UrbanSitter: Book a Sitter on the Run

I need a back up sitter.  Or seven.  It’s so frustrating to have a sitter cancel, or to not be able to book one when you desperately want to go out or get to a meeting.  I found a solution that is affordable, simple and very easy to use – UrbanSitter.

Founded by four parents in need of reliable sitters, UrbanSitter is a website (and an app) that allows you to book sitters who have been recommended by your Facebook friends.  You can sort sitters by availability (time and date), background checks, location, and even by rate.  You can also see the reviews of the babysitters.   It’s incredibly simple.  The real magic of UrbanSitter is that it syncs with Facebook  to show you babysitters personally recommended (used and reviewed) by your friends.   I always feel better booking a sitter knowing someone else I know has used them in the past.  In addition, many of the sitters on the site can provide you with their own background checks. And, my favorite part of the service – many of the sitters take credit cards! No cash involved.  How amazing is that?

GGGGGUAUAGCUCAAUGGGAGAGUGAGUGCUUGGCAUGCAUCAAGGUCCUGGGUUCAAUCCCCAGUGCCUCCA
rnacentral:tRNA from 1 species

I recently attended a luncheon hosted by my gal pals at MomsLA & UrbanSitter at Tin Roof Bistro in Manhattan Beach.  Many of the local sitters where there and we were able to interview them in a round robin of speed interviews.  I was very impressed with the women who were there representing the service.  I met many Loyola students, a mom who home schooled her kids who is babysitting to earn some cash on the side, and a filmmaker, who loves working with kids in her spare time.

A few other great things about UrbanSitter:

• Badges on sitter profiles indicate average response time to job requests, number of ‘repeat families’ who have booked them multiple times through the site, and if they accept credit cards for payment.